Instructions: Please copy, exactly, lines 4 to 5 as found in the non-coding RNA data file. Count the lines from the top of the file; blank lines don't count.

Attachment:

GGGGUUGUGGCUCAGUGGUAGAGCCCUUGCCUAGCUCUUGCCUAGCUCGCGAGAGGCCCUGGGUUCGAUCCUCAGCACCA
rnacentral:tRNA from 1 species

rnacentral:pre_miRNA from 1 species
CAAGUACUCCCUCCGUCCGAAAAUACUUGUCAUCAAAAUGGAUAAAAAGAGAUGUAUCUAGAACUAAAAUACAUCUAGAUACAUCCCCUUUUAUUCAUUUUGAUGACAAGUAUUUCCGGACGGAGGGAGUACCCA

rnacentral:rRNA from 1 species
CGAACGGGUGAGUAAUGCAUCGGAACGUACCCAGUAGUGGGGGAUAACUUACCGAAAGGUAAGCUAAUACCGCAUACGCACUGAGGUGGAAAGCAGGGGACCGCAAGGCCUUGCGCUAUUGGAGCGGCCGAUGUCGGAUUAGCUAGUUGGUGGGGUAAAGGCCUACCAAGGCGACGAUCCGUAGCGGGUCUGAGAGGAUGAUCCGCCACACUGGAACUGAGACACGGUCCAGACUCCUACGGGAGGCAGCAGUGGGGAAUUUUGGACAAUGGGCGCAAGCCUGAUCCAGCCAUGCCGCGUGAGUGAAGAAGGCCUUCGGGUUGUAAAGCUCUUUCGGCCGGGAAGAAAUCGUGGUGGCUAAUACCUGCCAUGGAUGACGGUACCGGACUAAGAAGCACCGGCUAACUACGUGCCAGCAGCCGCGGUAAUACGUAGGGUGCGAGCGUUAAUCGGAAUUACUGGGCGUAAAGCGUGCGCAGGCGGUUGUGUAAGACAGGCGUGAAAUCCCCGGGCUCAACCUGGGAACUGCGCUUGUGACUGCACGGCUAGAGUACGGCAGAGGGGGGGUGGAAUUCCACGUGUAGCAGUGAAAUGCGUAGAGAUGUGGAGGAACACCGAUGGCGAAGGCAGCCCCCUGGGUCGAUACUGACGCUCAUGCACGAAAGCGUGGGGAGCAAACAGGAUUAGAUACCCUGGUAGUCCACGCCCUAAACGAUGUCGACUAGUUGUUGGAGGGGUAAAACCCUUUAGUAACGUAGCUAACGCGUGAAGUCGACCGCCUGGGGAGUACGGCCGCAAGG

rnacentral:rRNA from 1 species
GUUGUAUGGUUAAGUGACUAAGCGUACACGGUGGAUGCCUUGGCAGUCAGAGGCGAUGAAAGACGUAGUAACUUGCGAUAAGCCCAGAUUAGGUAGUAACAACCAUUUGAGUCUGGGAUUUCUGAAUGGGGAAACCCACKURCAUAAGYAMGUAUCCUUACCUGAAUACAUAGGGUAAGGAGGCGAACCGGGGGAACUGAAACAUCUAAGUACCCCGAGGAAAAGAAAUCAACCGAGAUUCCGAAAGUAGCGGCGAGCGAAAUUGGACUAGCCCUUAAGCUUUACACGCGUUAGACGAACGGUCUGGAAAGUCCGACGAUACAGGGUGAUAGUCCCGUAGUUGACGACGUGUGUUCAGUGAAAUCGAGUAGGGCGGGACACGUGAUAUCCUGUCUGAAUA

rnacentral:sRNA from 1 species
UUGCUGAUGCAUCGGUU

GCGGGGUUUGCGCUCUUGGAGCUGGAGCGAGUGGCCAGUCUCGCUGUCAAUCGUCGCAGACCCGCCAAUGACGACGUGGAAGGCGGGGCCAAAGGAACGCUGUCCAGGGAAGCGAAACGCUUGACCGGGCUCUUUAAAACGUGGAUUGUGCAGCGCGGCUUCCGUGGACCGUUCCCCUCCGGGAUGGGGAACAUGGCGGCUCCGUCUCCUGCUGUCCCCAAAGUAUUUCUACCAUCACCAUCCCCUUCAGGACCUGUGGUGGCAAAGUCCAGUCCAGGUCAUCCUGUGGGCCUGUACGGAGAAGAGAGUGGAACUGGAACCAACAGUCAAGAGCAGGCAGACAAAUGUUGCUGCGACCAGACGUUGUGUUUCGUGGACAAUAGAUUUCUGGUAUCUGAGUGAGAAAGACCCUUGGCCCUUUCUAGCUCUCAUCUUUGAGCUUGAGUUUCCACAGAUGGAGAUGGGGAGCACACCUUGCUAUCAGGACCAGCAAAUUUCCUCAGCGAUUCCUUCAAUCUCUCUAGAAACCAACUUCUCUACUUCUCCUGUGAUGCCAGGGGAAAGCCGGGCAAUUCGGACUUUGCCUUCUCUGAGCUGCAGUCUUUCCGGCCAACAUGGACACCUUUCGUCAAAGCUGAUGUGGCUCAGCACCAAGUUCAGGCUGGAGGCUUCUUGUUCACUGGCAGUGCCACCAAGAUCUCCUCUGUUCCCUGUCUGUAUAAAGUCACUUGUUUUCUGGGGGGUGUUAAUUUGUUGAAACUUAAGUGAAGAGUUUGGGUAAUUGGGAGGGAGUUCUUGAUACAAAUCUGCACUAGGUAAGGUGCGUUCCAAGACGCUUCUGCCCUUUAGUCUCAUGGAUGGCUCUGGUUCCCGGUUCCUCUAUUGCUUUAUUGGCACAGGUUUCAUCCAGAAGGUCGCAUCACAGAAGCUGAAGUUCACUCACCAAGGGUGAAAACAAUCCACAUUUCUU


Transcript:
CAAGUACUCCCUCCGUCCGAAAAUACUUGUCAUCAAAAUGGAUAAAAAGAGAUGUAUCUAGAACUAAAAUACAUCUAGAUACAUCCCCUUUUAUUCAUUUUGAUGACAAGUAUUUCCGGACGGAGGGAGUACCCA

rnacentral:rRNA from 1 species